Earth Imaging Journal: Remote Sensing, Satellite Images, Satellite Imagery
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The MODIS instrument on NASA’s Aqua satellite captured a phytoplankton bloom in the Barents Sea on Aug. 31, 2010. Click on image to enlarge view.

On June 25, the ICESCAPE mission, or “Impacts of Climate on Ecosystems and Chemistry of the Arctic Pacific Environment,” resumed its shipborne investigation of the impacts of climate change in the Chukchi and Beaufort seas along Alaska’s western and northern coasts. Research teams depart from Dutch Harbor, Alaska, aboard the U.S. Coast Guard Cutter Healy.

The five-week field campaign takes 47 scientists to the Arctic Ocean, where a variety of instruments will be used onboard the Healy and deployed into the ocean and on the sea ice. Following the mission’s first campaign in summer 2010, the second year of sampling seeks to find year-to-year differences and provide data for new lines of investigation.

Combined observations from the field and from NASA satellites are critical to understanding the Arctic, where the signals of climate change are amplified. The accelerated decline of Arctic sea ice extent and thickness exemplifies this trend, and scientists want to know how this change affects other ocean processes and marine life.

“Multidisciplinary field campaigns like ICESCAPE take advantage of simultaneous satellite and field measurements,” said Carlos Del Castillo, acting program manager of the Ocean Biology and Biogeochemistry Program at NASA headquarters in Washington, D.C. “The advantage of satellites is that we can routinely collect observations of the whole planet. That data, combined with field work and computer modeling, gives us a better understanding of how the Earth system works.”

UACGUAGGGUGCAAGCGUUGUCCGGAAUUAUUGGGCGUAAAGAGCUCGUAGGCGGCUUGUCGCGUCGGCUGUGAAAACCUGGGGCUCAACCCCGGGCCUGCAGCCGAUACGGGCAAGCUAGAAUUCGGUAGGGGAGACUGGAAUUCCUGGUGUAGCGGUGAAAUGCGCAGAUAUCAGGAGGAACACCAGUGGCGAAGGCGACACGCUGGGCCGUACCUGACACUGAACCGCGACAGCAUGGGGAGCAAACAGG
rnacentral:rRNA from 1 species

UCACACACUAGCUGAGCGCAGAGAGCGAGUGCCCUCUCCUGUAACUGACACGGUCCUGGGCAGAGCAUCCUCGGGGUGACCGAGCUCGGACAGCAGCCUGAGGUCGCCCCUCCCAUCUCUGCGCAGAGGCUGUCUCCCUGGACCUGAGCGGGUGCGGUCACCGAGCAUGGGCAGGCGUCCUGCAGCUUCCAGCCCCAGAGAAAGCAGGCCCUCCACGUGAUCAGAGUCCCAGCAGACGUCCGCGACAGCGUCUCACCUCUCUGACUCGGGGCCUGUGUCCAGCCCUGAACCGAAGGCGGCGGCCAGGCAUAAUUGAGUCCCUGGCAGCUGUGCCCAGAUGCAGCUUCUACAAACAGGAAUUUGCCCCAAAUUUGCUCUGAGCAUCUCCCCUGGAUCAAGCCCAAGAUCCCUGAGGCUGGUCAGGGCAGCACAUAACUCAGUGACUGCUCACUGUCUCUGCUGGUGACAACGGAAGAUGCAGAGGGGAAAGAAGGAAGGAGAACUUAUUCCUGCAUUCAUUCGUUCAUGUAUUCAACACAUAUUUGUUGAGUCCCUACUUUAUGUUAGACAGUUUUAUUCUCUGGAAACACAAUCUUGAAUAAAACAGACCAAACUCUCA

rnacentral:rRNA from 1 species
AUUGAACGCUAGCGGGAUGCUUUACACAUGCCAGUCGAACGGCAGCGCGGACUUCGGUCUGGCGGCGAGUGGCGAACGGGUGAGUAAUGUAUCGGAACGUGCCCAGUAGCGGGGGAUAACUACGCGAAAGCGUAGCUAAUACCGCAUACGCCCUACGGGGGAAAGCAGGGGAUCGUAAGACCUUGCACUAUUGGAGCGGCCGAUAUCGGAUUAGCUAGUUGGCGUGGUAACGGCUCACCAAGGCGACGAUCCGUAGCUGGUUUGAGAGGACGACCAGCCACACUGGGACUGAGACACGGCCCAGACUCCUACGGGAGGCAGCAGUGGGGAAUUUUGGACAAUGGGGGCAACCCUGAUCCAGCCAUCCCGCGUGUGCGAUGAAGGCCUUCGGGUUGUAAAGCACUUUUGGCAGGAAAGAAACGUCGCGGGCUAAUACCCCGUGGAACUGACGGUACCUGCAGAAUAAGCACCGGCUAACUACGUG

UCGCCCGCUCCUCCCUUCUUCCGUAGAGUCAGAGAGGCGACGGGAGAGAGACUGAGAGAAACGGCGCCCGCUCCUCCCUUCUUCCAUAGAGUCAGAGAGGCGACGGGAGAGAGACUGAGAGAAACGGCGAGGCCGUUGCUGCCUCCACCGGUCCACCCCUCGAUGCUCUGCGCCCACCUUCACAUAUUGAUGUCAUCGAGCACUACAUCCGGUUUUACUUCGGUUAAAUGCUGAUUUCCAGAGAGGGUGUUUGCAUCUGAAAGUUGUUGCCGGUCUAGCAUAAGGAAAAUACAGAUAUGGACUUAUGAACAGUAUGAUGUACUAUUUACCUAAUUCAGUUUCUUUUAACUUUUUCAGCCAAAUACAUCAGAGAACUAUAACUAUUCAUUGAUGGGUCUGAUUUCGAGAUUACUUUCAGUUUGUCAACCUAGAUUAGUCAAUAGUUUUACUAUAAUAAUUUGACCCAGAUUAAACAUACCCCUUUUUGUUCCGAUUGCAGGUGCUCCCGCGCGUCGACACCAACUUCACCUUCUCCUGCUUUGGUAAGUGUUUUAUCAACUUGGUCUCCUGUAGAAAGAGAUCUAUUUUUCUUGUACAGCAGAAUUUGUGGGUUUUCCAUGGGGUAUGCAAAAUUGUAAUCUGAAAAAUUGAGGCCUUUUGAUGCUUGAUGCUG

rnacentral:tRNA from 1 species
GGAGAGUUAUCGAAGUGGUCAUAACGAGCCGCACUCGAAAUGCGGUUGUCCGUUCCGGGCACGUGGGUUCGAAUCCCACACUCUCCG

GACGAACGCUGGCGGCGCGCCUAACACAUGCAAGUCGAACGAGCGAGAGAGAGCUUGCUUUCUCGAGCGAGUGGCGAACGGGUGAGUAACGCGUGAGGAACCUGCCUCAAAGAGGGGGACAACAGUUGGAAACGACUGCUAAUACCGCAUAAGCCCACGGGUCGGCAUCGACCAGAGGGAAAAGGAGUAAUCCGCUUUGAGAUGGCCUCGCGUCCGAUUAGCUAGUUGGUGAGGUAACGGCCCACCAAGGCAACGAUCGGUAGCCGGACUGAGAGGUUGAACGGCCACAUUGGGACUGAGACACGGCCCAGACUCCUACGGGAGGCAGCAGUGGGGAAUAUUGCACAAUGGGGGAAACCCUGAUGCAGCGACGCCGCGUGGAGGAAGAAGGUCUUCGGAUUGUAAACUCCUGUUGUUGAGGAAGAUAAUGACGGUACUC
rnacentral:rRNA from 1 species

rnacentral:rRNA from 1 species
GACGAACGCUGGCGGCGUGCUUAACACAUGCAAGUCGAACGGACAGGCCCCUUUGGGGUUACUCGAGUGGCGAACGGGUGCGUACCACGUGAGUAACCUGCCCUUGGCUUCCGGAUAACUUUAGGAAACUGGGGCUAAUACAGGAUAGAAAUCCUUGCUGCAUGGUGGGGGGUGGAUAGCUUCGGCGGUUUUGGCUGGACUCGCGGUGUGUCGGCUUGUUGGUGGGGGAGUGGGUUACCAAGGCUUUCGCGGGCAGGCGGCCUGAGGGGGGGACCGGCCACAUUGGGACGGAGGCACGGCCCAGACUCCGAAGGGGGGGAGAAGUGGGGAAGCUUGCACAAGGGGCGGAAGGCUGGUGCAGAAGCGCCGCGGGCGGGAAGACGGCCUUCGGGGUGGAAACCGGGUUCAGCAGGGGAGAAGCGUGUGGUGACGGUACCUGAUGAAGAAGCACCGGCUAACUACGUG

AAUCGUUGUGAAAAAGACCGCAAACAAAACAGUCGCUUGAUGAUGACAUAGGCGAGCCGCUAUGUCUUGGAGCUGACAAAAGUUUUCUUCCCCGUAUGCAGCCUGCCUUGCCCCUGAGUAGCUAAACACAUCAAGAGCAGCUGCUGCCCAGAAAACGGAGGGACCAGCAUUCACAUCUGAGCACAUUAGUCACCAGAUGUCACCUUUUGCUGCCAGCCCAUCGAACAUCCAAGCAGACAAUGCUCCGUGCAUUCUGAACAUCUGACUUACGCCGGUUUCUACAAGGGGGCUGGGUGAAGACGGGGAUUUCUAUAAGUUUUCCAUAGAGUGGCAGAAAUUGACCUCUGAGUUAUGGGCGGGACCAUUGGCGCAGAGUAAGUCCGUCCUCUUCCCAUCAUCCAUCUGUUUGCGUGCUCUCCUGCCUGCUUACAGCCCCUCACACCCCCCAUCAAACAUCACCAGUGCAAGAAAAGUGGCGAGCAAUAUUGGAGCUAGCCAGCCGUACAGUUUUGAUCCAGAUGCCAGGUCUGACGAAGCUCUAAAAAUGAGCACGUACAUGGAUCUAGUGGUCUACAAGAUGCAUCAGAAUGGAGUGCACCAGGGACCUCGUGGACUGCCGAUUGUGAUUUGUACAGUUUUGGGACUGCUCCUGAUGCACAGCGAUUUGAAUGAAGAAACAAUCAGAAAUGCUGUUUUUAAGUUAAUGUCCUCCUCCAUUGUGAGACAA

Phytoplankton, microscopic organisms that live in watery environments, are a key focus of the campaign. They form the base of the aquatic food web, participate in cycling Earth’s carbon between the atmosphere and the ocean and are susceptible to climate change. NASA has monitored changes in phytoplankton from space worldwide with the Moderate Resolution Imaging Spectroradiometer instrument on the Aqua satellite and the Sea-viewing Wide Field-of-view Sensor, which ended observations in 2010.
“Last year, ICESCAPE nailed down quite a few things in terms of the phytoplankton work,” said Kevin Arrigo of Stanford University in Palo Alto, Calif., the mission’s chief scientist. “We know pretty well now how fast they are growing and what they are responding to. The repeat measurements from this voyage will help us confirm what’s going on.”

The 2010 campaign gave researchers a glimpse of what might be happening in Barrow Canyon, one of the most productive areas for phytoplankton growth in the Beaufort-Chukchi region. Although many blooms last just a few weeks before consuming all of the local nutrients and declining, the bloom in Barrow Canyon gets its start in spring and carries on through summer.

Scientists think the extended bloom can be explained by unique patterns in the path and timing of ocean currents. In spring, a stream of water carries nutrients from the Pacific Ocean up through the Bering Strait and delivers them to Barrow Canyon. The water hugs the coast and arrives quickly, providing the nutrients for the bloom to get its start. Two other streams take a more circuitous route and arrive later, sustaining the bloom through summer.

“With this year’s voyage, we hope to acquire more details about the physical processes pulling nutrients from deep water to the surface,” said Arrigo.

New to ICESCAPE in 2011, the ship will forge north through the Beaufort Sea to explore the relationship between shallow water on the continental shelf and deep water in the Canada Basin. Phytoplankton on the shallow shelves tend to flourish when the ice retreats and scientists want to find out what feeds the bloom.

Last year, researchers saw some indication that nutrients were moving between deep and shallow water. Wind unexpectedly blew thick, multiyear sea ice south to the edge of the shelf, at some places up to 20 feet thick. The ice proved too thick for the icebreaker to penetrate. The Healy, the newest and most technologically advanced U.S. polar icebreaker, is designed to break four-and-a-half feet of ice continuously at three knots.

This year, the field campaign begins two weeks later, which means the Healy is expected to encounter thinner, summer ice and thus have a better chance of exploring the ecosystems in water that spends most of the year under a blanket of ice.

Article courtesy of Kathryn Hansen, NASA’s Earth Science News Team. Image courtesy of NASA Earth Observatory.

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